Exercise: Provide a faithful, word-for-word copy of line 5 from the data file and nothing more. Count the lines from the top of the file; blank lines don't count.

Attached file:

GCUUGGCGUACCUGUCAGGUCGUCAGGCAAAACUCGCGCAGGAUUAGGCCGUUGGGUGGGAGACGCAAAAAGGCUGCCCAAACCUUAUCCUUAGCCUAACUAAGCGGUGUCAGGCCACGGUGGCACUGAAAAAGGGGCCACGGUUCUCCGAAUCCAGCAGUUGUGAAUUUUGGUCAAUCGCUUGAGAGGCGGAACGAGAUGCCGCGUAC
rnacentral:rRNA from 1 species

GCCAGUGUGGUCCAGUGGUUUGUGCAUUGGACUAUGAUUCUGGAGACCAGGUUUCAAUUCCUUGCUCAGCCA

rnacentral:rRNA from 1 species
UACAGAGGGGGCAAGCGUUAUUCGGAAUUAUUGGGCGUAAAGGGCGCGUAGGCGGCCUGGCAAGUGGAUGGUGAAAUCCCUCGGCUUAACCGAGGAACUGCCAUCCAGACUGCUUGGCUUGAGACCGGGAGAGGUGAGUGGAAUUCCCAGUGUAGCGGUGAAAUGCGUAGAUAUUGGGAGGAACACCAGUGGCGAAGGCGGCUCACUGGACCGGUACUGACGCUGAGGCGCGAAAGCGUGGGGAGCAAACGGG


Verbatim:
UACAGAGGGGGCAAGCGUUAUUCGGAAUUAUUGGGCGUAAAGGGCGCGUAGGCGGCCUGGCAAGUGGAUGGUGAAAUCCCUCGGCUUAACCGAGGAACUGCCAUCCAGACUGCUUGGCUUGAGACCGGGAGAGGUGAGUGGAAUUCCCAGUGUAGCGGUGAAAUGCGUAGAUAUUGGGAGGAACACCAGUGGCGAAGGCGGCUCACUGGACCGGUACUGACGCUGAGGCGCGAAAGCGUGGGGAGCAAACGGG